Epistemic Contextualism as a Theory of Primary Speaker Meaning [Book Review]

Abstract
Jason Stanley’s Knowledge and Practical Interests is a brilliant book, combining insights about knowledge with a careful examination of how recent views in epistemology fit with the best of recent linguistic semanties. Although I am largely convinced by Stanley’s objections to epistemic contextualism, I will try in what follows to formulate aversion that might have some prospect of escaping his powerful critique
Keywords Analytic Philosophy  Contemporary Philosophy  Philosophy of Mind
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ISBN(s) 0031-8205
DOI 10.1111/j.1933-1592.2007.00068.x
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References found in this work BETA
Knowledge and Practical Interests.Jason Stanley - 2005 - Oxford University Press.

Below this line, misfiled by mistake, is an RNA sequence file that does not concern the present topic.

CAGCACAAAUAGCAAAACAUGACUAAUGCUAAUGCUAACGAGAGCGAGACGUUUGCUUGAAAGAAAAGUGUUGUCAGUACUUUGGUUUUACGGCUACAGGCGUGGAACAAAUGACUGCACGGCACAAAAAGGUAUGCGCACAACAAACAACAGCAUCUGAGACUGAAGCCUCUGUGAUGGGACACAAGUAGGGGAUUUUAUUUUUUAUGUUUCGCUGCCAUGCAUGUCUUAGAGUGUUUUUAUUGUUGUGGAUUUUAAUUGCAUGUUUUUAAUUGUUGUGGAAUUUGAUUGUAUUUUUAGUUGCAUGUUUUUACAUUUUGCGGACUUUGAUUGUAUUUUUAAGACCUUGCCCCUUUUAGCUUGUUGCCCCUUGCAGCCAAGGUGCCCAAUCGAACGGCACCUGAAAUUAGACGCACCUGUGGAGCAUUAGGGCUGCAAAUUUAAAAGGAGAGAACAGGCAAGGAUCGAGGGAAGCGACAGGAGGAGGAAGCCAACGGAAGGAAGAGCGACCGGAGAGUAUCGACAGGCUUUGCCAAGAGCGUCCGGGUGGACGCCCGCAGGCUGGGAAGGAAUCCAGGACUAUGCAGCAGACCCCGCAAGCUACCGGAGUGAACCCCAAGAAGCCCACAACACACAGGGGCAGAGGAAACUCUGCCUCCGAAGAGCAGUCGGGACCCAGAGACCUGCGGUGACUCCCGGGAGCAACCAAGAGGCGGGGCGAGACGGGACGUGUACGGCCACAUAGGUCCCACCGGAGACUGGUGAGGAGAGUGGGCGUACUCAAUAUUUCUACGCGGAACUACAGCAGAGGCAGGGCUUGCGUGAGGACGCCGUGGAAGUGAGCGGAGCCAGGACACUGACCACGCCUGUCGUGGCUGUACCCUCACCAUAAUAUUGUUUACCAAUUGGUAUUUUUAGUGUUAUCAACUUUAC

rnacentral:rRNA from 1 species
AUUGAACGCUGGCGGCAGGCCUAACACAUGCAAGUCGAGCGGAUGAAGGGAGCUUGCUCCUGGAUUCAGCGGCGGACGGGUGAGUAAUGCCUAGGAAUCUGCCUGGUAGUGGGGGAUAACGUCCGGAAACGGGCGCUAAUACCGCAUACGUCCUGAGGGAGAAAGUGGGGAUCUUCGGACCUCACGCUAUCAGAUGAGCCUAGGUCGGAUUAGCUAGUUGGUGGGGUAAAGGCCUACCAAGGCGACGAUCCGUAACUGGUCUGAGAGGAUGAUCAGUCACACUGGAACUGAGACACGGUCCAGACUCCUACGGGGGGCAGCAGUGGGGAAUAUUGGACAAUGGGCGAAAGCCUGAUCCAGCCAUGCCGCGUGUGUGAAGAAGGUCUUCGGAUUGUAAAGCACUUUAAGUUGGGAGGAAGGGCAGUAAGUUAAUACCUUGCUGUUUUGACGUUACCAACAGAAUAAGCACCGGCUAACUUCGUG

Solving the Skeptical Problem.Keith DeRose - 1995 - Philosophical Review 104 (1):1-52.
Scorekeeping in a Language Game.David Lewis - 1979 - Journal of Philosophical Logic 8 (1):339--359.
Ignorance: A Case for Scepticism.Peter Unger - 1975 - Oxford University Press.
Epistemic Operators.Fred I. Dretske - 1970 - Journal of Philosophy 67 (24):1007-1023.

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Citations of this work BETA
Knowledge Claims and Context: Belief.Wayne A. Davis - 2015 - Philosophical Studies 172 (2):399-432.
Pragmatic Contextualism.Geoff Pynn - 2015 - Metaphilosophy 46 (1):26-51.

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